Faces of Activism: Nicholas Anglin, founder of Black, Young, and Educated | Pittsburgh City Paper

Faces of Activism: Nicholas Anglin, founder of Black, Young, and Educated

click to enlarge Faces of Activism: Nicholas Anglin, founder of Black, Young, and Educated
CP photo: Jared Wickerham
Nicholas Anglin poses for a portrait in Downtown Pittsburgh on Mon., July 27, 2020.
Full name: Nicholas Anglin
Pronouns: He/Him
Age: 18
Neighborhood: Verona

What inspired you to start Black, Young, and Educated?
I was inspired to start B.Y.E. because I felt like I was not being heard. Also, I wanted to make a space for Black teens to share their voices, since they are often ignored.

What do you think is the biggest problem facing Pittsburgh’s youth today?
The biggest problem facing Pittsburgh youth in my opinion is salvaging our future, which includes climate justice, racial justice, and everything in between. Our past leaders have not done the best to ensure a better future for everyone, and we need that to change.

Every Saturday, BYE has been protesting during Civil Saturdays. Who are you fighting for?
We are fighting to honor Antwon Rose, Jr. We are fighting for justice for all people unjustifiably murdered by officers sworn to serve and protect.
click to enlarge Faces of Activism: Nicholas Anglin, founder of Black, Young, and Educated
CP photo: Jared Wickerham
A Civil Saturdays protest in Downtown Pittsburgh on Sat., July 4, 2020.
Do you think Pittsburgh has the ability to change?
I think Pittsburgh does have the ability to change once everyone admits there is a problem. If we continue ignoring blatant problems like how Black students are disproportionately punished in schools, which aids in the school to prison pipeline. There is a problem with ignorance, a lot of people are stuck in their own world with no regard for what is going on around them.

What do you think a youth-led movement has to offer that others might not have been able to accomplish in the past?
A youth-led movement has so much to offer because it is fresh. We have new ideas and new ways to get it accomplished. We are bold, full of energy, and outspoken. Youth are the future so it is our responsibility to shape it, which we proudly do.

Who or what do you see as your organization’s biggest obstacle?
My organization’s biggest obstacle is Bryan Cutler [R-Lancaster] and Rob Kauffman [R-Franklin], money, and politics. Our voices are being ignored by a majority of people in power due to the fact they do not want to amend section 508 to increase police accountability. I see those three things as our biggest obstacle because money has everything to do with politics. It makes my trust in politicians slim because they do not always have our best interest in account. Bryan Cutler is an obstacle because he is the speaker of the house, we need to be noticed by him if not already to try to get House bill 1664 put on the floor. Also, Rob Kauffman is the chairmen of the judiciary committee, which is where the bill will be voted on.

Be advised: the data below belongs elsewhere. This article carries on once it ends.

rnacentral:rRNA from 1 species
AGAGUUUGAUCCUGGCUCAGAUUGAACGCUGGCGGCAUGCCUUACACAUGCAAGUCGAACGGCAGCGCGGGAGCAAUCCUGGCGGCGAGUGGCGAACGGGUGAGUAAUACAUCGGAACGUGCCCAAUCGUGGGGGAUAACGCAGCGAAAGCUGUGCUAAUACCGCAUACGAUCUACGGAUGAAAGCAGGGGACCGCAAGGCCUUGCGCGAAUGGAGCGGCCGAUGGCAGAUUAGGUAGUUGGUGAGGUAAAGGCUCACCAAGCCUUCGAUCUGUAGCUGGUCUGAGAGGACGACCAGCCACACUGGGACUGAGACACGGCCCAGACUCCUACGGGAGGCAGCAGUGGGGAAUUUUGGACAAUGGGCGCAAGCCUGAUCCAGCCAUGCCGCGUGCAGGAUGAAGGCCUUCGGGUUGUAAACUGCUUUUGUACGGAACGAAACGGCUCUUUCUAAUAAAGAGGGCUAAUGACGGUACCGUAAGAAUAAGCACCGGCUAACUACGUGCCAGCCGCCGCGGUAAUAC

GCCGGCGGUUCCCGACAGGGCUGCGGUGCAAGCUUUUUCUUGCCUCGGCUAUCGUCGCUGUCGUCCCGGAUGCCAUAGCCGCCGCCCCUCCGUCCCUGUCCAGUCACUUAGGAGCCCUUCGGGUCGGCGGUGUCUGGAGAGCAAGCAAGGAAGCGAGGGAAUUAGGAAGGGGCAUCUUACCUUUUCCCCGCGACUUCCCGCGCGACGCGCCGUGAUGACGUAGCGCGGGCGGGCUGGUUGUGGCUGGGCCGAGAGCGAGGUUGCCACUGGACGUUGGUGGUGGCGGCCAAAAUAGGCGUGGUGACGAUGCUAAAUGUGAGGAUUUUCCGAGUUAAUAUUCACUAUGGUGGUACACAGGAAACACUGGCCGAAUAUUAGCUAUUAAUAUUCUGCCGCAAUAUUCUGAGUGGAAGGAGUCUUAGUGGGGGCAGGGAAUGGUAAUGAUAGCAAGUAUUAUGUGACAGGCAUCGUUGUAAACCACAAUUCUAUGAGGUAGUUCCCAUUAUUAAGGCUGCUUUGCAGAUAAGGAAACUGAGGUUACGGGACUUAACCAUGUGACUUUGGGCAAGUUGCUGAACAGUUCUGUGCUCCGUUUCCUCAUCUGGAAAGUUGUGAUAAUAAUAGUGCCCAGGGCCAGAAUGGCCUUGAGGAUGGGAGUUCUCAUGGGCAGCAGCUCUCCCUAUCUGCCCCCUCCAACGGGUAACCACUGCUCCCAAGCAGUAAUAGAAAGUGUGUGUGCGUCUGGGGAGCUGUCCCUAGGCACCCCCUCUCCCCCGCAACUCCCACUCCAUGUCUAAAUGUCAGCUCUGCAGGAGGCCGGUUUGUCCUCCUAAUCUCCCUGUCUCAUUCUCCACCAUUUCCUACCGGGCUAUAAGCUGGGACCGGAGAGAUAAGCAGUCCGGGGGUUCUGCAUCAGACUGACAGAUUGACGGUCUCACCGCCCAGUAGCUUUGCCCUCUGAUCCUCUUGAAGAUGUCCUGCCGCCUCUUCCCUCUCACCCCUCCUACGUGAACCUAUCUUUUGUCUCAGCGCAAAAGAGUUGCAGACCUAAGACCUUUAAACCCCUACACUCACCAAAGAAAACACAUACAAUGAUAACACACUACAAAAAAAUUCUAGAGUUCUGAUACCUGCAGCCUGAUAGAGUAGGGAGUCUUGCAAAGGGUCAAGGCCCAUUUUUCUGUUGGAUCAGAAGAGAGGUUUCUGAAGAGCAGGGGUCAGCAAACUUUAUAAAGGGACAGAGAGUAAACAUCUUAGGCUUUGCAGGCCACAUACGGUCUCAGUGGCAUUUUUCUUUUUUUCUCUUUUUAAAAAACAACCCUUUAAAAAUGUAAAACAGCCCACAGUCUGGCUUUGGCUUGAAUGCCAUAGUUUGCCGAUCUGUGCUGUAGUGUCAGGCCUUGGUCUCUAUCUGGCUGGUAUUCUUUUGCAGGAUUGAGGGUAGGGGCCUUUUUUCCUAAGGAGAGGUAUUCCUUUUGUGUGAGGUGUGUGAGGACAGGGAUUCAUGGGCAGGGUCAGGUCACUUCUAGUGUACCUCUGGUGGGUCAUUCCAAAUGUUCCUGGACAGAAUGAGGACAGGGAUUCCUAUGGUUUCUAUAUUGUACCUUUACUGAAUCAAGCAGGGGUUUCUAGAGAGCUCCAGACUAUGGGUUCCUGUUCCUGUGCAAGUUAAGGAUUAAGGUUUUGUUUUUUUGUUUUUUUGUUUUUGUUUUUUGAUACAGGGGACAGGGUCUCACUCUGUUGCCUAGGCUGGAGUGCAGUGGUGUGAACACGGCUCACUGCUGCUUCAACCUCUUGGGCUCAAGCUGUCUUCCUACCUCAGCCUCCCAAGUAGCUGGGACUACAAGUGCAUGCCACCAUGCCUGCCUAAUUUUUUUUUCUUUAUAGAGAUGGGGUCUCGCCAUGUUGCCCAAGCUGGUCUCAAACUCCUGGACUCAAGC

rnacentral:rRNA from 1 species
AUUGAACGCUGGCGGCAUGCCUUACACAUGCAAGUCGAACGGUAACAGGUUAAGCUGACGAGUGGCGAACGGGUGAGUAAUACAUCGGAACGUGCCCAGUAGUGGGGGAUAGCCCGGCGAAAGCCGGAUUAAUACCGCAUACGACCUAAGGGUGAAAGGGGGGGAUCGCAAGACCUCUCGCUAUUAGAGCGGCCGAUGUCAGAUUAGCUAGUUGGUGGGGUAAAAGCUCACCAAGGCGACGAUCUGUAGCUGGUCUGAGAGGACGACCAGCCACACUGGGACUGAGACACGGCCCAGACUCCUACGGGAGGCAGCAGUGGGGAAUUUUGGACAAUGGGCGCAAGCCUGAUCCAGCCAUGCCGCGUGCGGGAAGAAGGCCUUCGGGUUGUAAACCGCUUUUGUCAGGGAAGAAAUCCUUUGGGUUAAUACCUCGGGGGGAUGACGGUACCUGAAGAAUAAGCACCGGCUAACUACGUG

What is your biggest dream for Pittsburgh’s future?
My biggest dream for Pittsburgh’s future is that the people here can coexist with each other and learn more about others outside of their neighborhood. I wish for a Pittsburgh that has better air quality for majority Black communities. I hope we have a better and more diverse education system, where we are not just learning about majority white history or white-washed version of it.

What keeps you fighting?
What keeps me fighting is the fact that I will be making a better future for myself, my kids, and everyone to come. I am sick of seeing mothers, fathers, friends not get justice for the murders of unarmed teens and adults by police officers.

Are there any other activist organizations, in Pittsburgh or nationwide, you look up to for guidance?
An activist that I look up to is Giuseppe Bagheera, who is a member of my organization. They are free-spirited and fearless, which I adore about them. They always have the best ideas, and we always look out for each other during protests.

Where can we find you next?
Next, you can find me at Temple University pursuing a degree in Global studies. I have no clue what I will be doing after college, but I know that I will be continuing my activism through Black, Young, & Educated and continue to create a safe space for Black teens and young adults in Pittsburgh and hopefully many other places.

How can our readers who want to help you do so?
Readers that want to help should donate to individual organizations and to organizations fighting for change. You should also get in contact with Rob Kauffman (717-705-2004) and Bryan Cutler (717-783-6424), to advocate for the amendment of section 508, PA’s use of force law. You should also do your research, read, and try to see different perspectives. If you do no support the Black Lives Matter movement, reassess your values. If you do support, but a friend doesn’t, try to make them understand.